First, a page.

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Organising Your Estate Plan to Reflect Your Wishes and Needs

The key thing with estate planning is understanding your wants and needs and having the right legal documents in place. Planning for future incapacitation and eventually death can give you peace of mind that your loved ones will be provided for in accordance to your wishes.


Here at Oakmere Wealth we can provide professional support to guide you through the process to getting all of your ducks in a row.




Important Documents

  •  Power of Attorney – allows you the ability to nominate a trusted person/s to make Financial and Health decisions on your behalf.

  • Will – Your will lets you decide what happens to your money, property and possessions after your death, without a will in place, your estate will follow the rules of intestacy.   

 

Communication is key

Now you have done the hard work of putting together a clear comprehensive estate plan it’s important that you discuss your wishes with everyone involved. i.e. if you have named your son or daughter as the executor of your Will, a conversation is necessary to make sure they are firstly, aware of their role in your plan, but also so they understand your wishes. Involving the next generation in the conversation can be vital in ensuring things run smoothly and exactly how you want it to.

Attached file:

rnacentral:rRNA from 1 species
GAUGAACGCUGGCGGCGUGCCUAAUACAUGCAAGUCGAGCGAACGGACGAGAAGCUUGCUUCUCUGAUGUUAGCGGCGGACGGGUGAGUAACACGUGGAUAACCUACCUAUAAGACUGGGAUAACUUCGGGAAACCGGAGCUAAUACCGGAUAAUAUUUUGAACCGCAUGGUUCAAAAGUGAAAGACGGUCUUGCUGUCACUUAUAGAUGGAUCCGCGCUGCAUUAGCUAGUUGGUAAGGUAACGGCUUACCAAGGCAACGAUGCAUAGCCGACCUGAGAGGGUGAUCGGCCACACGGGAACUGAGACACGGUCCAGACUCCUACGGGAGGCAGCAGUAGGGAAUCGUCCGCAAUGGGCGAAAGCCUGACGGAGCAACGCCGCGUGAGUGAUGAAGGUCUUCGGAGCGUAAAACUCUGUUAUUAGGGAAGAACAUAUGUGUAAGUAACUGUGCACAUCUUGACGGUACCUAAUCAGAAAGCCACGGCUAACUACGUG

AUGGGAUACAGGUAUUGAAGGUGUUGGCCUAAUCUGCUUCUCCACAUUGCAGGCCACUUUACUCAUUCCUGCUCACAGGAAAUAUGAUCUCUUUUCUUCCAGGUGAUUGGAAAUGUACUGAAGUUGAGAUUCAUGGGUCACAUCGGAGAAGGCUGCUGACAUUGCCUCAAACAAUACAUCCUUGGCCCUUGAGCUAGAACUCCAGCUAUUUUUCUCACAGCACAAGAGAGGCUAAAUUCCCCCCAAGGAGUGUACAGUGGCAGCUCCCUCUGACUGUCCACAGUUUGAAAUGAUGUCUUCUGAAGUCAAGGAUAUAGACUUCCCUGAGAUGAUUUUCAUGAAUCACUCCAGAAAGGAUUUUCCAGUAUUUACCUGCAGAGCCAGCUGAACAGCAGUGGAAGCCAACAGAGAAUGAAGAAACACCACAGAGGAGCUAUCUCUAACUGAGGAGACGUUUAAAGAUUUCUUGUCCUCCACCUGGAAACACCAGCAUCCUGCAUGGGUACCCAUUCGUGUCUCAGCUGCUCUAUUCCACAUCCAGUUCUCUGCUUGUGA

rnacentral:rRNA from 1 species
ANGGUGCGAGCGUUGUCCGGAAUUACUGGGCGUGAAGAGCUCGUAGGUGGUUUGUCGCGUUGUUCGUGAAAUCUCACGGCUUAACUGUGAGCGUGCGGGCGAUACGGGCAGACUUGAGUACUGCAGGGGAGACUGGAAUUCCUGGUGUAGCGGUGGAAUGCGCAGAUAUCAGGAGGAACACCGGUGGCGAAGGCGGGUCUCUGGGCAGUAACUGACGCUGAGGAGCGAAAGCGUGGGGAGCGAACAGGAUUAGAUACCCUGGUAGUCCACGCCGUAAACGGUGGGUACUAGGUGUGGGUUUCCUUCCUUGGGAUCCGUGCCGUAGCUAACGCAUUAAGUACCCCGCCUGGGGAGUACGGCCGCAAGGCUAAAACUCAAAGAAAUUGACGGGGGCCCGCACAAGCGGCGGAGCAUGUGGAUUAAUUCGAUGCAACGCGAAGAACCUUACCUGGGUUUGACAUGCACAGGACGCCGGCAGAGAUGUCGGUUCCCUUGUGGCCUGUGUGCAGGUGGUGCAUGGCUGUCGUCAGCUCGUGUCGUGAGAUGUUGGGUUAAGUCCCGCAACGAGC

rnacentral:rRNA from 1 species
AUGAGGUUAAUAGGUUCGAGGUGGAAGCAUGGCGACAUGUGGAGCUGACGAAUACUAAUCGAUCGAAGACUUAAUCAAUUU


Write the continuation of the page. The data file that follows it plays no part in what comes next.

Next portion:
Simple things to organise your estate

Easy areas to miss are often the simplest fixes. Check that you have completed your paperwork correctly and it reflects your wishes.

 

  • Death in Service: Expression of Wishes – this tells the insurance provider where you would like your lump sum to be paid.

  • Trusts – make sure your trust is registered with HMRC and provide your trustees with a copy of the trust.

  • Online Investments – store physical information about the account. e.g.: if you have opened an ISA investment, bank account or Premium Bond via an online platform and no one knows about it, if you become incapacitated it’s easy to lose track of investments.

  

Where did I put that document?

Over time you will inevitably begin to collect important documents, such as a copy of your Will, your Powers of Attorney, information on where your bank accounts are etc.


Storing these documents securely is important but make sure your trusted person knows where they are or has access to them. At a time when you are incapacitated your attorney would need original documents to register their access with most institutions, knowing where the documents are could save a lot of time when it’s needed.

 

Keep everything up to date

As your circumstances change naturally over time it important to continually revisit your estate plan to make sure it evolves with you. Life has a way of throwing curveballs and legislation changes all the time and you want to make sure that your plan continually reflects your wishes. Regular meetings with your adviser can help you keep track of changes.

 

 

Will writing and Powers of Attorney involve the referral to a service that is separate and distinct to those offered by St. James's Place and along with Trusts are not regulated by the Financial Services Authority.

 

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